With more foreign tourists visiting London than any city in the world, as well as being named the best city in the world for economic opportunity, it has now unofficially become the economic and cultural capital of Europe. Boosting an array of opportunities in various sectors, as well as a high number of expats from overseas, the city attracts top young talent from around the world. There is a growing and emerging array of global entrepreneurs choosing to make the city their ground to launch new ventures.

Hong Kong, Hong Kong

Known as an Asian mega-city for several decades, Hong Kong’s vertical ascent into the future began far before several of its emerging Asian counterparts. It has been a massively important port for domestic and international trade, serving as a meeting point for top multinational dialogue. The city continues to reinvent itself with its distinctly Asian heritage and passion for cutting edge design and space-saving efforts. A large group of expats comprises the city’s young professional scene with vibrant social opportunities for all.

Vienna, Austria

Austria’s capital, Vienna, is seen as a massively clean and controlled city. Home to culturally important museums, governmental agencies and boasting amazing public transportation, the city fares well with both locals, expats, and tourists as a popular destination to live and work.

San Francisco, USA

This American coastal city on the Pacific Ocean serves as one of the nation’s most desirable places to live and work. The energy, social scene, diversity, and environment of the bay area make the city a desirable destination for young professionals. In addition, its access to Silicon Valley and vast tech and entrepreneurial startups makes the city flourish as a hot destination for innovation.

São Paulo, Brazil

Considered one of South America’s largest megacities, São Paulo is leading this region of the world, acting as Brazil’s knowledge, innovation and finance market capital. Roughly 20 million people make up the landscape of the city, which has the most innovative universities and industries in Latin America. A growing number of multinational firms and businesses are choosing to make the city their base for further integration into the region. São Paulo also has excellent social and living conditions for young professionals.

Vancouver, Canada

This Canadian city has embarked on a mission to become the greenest city on the planet by the year 2020. It is currently working towards this goal by a water consumption decrease of 20 percent. With access to green spaces and public transportation, the city is also home to a vibrant young professional scene.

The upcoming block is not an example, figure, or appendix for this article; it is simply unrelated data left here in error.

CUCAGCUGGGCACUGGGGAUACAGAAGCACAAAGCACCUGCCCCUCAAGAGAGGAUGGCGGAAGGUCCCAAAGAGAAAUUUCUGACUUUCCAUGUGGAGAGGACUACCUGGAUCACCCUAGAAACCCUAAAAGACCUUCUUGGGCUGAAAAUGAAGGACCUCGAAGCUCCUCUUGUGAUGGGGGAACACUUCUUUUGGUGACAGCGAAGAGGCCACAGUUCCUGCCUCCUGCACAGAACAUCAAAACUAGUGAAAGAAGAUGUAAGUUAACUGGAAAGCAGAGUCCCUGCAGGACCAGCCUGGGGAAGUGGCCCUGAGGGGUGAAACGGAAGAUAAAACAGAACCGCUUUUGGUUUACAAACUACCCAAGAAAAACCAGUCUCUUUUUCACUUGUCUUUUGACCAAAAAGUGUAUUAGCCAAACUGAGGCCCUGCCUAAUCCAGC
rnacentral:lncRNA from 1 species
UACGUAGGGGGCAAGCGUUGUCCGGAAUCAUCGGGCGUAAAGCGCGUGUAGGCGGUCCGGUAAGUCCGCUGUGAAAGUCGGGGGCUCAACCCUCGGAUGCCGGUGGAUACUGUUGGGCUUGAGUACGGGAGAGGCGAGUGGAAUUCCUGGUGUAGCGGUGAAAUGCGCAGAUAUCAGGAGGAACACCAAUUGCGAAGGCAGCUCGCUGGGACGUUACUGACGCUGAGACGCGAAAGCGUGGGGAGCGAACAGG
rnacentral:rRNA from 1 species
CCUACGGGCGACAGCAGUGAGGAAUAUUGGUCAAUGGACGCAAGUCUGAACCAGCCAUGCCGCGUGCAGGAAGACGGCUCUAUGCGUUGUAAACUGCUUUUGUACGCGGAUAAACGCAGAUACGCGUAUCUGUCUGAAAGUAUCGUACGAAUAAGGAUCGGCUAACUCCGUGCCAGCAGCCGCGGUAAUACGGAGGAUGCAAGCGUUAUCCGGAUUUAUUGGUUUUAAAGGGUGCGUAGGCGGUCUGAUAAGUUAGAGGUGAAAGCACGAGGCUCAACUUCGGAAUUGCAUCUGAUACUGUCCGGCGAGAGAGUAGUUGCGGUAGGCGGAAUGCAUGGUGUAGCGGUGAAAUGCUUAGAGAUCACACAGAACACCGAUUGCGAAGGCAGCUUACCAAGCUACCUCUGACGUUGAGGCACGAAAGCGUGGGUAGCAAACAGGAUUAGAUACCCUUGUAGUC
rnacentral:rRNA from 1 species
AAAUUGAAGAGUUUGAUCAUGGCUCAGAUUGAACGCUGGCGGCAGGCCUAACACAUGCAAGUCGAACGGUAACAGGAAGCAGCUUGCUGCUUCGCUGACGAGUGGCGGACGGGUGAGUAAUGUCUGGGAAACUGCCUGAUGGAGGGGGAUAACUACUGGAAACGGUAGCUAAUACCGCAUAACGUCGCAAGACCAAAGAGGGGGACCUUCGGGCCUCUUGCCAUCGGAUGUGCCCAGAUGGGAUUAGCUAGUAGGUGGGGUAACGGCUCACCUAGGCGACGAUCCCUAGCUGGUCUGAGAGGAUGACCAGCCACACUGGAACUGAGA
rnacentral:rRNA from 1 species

Santiago, Chile

Retaining one of South America’s lowest corruption rates, Santiago’s economic capital has launched itself as one the region’s most innovative places for starting new ventures and business opportunity. The city boasts a healthy and stable economy with a strong, expanding network of infrastructure projects.

Boston, USA

Seen as one of America’s most historic and oldest cities, Boston is also known as the nation’s education capital, boosting an array of world-class universities and institutions which are hubs for innovation in themselves. The city is young, dynamic and creative, and it fosters a unique blend of culture, charm, and history.

Dubai, UAE

Now seen as the hub of the Middle East, this oil-rich kingdom has launched its success from natural resources into a tax-free safe haven for expats and multinational investment. Close to 80% of the city is now comprised of overseas expats coming to live, work, and experience the city’s growing clout internationally. It is also home to many Guinness World Record titles, with the 160-story Burj Khalifa, its most iconic structure, as the world’s tallest building.

Stockholm, Sweden

While Sweden’s three largest cities all top international lists as truly innovate destinations of the future, its economic capital of Stockholm has been a groundbreaking destination for innovation and development. A strong culture of innovation has propelled this Nordic nation to the forefront of ambitious research, cutting edge infrastructure and passion for efficiency. Swedes are often described as being the world’s fastest population at adapting to new trends and ideas, and are not only economically and socially liberal, but also among the Europe’s most educated. With a strong reputation for being a high economic performer within Europe, the circuit of young and innovative companies, design, social venues, and people make Stockholm a highly efficient hub for growth for the future.

Image: Pasu Au Yeung

Skills

People tend to not be concerned about issues that don’t ‘hit close to home’ because they feel like it’s something that could never happen to them, but even if most of us never experience war or lose our homes, it is important that we try to be a little more aware of what happens to other people around the world, even if we don’t see the relevancy of it to our lives.

Awareness is the first step, in my opinion, to understanding the kind of world we live in. Some people have the privilege of traveling to other countries to see firsthand how other people live, others can take classes about different cultures or can talk to other people who have gone places and have experienced things that they haven’t experienced. I understand that not everyone can travel to different places, but you shouldn’t have to leave your country or even your hometown to become aware of the different ways that people around you live and the kinds of things they experience.